Vital Steps for Hurricane Preparedness

Hurricanes are one of the few disasters for which you can anticipate some warning. Thanks to today’s advanced satellite tracking, we often get at least three days notice when a hurricane is heading towards land fall, and often four or five. A prudent survivalist will make the most of this time.  Compared to the three minute warning you may receive in a tornado, three days is a huge amount of time to prepare and even someone who has done no previous planning can get into pretty decent shape in 72 hours.


If your home is near the shore and the rising surf is threatening, or you appear to be in the direct course of the hurricane, you may be better off evacuating to higher ground. Keep in mind that the storm surge and wind damage may be limited to areas near the shore, but heavy rain and subsequent flooding can result in an emergency situation sometimes hundreds of mile inland.  Few areas are capable of handling 12 or 15 inches of rain in a four to six-hour period.  Heavy rain from hurricanes and tropical storms has caused mudslides, washed out roads, flooded creeks, streams and rivers, generated damaging lighting strikes and even spawned tornadoes hundreds of miles inland.

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Dave’s Tips: Test Your Survival Stuff and Yourself

Did you hear about the fellow who unpacked and set up his new kerosene heater after the ice storm knocked out the power, only to find its igniter needed 2 D-cell batteries? It wasn’t a laughing matter.


Or the family who could not use all the power from their generator because they didn’t have an extension cord with the correct NEMA 14L-30P twist lock? They spent a few days in the dark.
Dave's Tips: Test Your Survival Stuff and Yourself


You can prevent this kind of a situation by testing and practicing with your preps before you need them. Get familiar with your tools, unpack and assemble your equipment, and test and optimize things before you need to rely on them in an emergency. Not only can you rest assured that you really are prepped, but you will have the knowledge and confidence to use your gear in an emergency.


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Fresh Perpetual Stew: Rules for the Farmer’s Market


In my mind, any urban area that has nice sidewalks and streetlamps counts as “the city.” And don’t get me wrong, I am blessed with a quaint apartment in town. I love having the option to walk to the office, the coffee shop, or the grocery store around the corner, but I always find myself missing the country. I miss seeing the trees growing over dusty gravel roads and passing more tractors than traffic signs. I think about the quiet nights and friendly neighbors and the way you can actually smell the freshness of sunshine.

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Fresh Perpetual Stew: An Introduction to Your First Survival Garden

Captain Dave is pleased to welcome columnist NCPrepper.  She plans to report in regularly on her first urban survival garden and share other cooking and food prep tips for preppers in the column Fresh Perpetual Stew. To learn more about perpetual stew and other prepping tips, check out our Captain Dave’s Survival Guide

Growing up in rural Louisiana, I was always helping my mom with her garden. In the spring we’d sit on the couch at night and map out plans on a bright yellow notepad. Basil and rosemary in the front beds, tomatoes and cucumbers in the side yard, and of course new flowers along all four sides of the house. By the time summer rolled around there would be cosmos and zinnias popping up along the raised beds and our kitchen counter would be covered in more ripe, juicy cherry tomatoes and meaty Romas than we’d know what to do with. We’d water in the morning, checking the plants and picking a few veggies, then water again at night and pick a few more. Mom would even go through and pull these large green caterpillars off our tomatoes and squish them between her bare fingers—one of the many pests that loved our tomatoes. As the summer would wind down we’d give a hefty portion of our harvest to our neighbors and friends at church, mom would make basil pesto and freeze tomatoes for sauces in the fall and winter months.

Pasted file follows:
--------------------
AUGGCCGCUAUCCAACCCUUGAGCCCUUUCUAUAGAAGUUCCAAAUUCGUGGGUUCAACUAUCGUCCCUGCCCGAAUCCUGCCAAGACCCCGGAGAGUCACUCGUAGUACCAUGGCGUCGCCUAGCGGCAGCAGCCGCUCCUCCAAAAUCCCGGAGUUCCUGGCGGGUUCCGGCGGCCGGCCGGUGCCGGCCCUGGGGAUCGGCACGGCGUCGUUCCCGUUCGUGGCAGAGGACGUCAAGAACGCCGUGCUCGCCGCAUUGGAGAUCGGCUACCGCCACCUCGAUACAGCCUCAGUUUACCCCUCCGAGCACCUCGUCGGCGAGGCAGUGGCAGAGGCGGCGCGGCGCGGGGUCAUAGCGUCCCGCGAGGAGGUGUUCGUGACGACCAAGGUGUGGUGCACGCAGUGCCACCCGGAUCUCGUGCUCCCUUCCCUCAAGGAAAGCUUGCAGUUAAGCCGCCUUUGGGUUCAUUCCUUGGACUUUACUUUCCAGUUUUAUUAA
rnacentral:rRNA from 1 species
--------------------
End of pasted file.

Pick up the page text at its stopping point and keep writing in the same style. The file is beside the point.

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Get your Cold Weather Wardrobe Ready

R6240.mainCold weather is supposed to blow in this week, so make sure you are prepared!

If you plan to spend a significant amount of time outdoors, be sure to dress in layers and make sure your extremities are covered. That means a warm hat, gloves or mittens, and warm socks.


Here are our recommendations:

Base Layer: We recommend moisture-wicking thermal underwear, either made from synthetic fibers or wool. If you are going to be very active, go with the silk weight thermals. If you are going to be in a tree stand, riding a snow machine, or sitting on a bleacher watching a football game, go with the heavyweight thermals, which are surprisingly warm.


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Celebrate Hunting Season, an American Tradition

BowHunterNew hunting themed t-shirts from Erazor Bits are here, just in time for hunting season. The line includes two deer-hunting shirts. The “Buck Stops Here” motif shows a 10-point buck against an American Flag background, celebrating the heritage of this great American sport. The Bow Hunter t-shirt features a camouflage-clad hunter and several mature bucks.


Also in the Erazor Bits Wicked Hunt line are shirts celebrating hunting dogs, turkey season and duck season. These join the popular line of fishing t-shirts debuted earlier this year.


All Erazor Bits T-shirts are printed on pre-shrunk, heavy-weight 100% cotton t-shirts and are available in sizes small to 3XL.